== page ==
Q: What are the pros and cons for advisers?

Mr Winders said: “The asset class is also relatively simple and can therefore be easily explained to clients, making the likelihood of any potential mis-selling claims very low.

“In the post RDR world, the interests of advisers and their clients are even more closely aligned.

“By giving clients an investment that provides very low volatility and high single digit returns, advisers will in most cases be fulfilling their duty to provide a product that is in the best interests of their clients.

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“And however an adviser chooses to be remunerated post RDR, some things will not change – namely that having happy clients will be a key part of their success.”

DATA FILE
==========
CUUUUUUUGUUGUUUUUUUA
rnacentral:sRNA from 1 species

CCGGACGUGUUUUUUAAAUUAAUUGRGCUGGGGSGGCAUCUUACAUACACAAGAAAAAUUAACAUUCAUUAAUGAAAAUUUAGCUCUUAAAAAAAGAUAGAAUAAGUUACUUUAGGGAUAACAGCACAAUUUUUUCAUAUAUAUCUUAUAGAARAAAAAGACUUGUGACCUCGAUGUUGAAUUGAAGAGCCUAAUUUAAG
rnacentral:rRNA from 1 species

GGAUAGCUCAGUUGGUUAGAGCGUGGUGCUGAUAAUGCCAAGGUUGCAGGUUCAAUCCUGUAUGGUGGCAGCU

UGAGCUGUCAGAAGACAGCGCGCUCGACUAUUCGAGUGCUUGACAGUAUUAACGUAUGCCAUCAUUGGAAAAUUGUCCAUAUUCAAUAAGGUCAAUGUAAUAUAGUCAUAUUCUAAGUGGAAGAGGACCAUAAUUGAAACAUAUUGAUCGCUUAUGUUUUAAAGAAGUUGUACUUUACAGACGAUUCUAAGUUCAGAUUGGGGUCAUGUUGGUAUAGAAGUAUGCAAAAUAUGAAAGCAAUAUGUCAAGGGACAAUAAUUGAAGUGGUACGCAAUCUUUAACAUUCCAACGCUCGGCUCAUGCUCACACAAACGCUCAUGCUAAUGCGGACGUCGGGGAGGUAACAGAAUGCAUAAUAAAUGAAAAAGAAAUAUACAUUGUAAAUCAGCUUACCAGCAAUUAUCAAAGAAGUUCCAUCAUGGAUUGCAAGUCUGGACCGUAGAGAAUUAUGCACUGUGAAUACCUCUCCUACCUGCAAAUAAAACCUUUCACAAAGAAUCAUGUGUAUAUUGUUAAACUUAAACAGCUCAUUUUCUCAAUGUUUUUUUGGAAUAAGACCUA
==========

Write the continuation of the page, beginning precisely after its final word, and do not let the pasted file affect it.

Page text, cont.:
Currently, most life settlements funds in the UK are classed as Unregulated Collective Investment Schemes (Ucis) and investors in them do not have access to the Financial Services Compensation Scheme.

Should a fund get into trouble, investors would be ineligible for compensation.

However, Peter Winders, marketing director of life settlement funds provider EEA, said many of the fund managers or distribution companies are themselves FSA regulated and pay the FSCS levy.

He said: “It should be noted also that unregulated does not equal more investment risk.”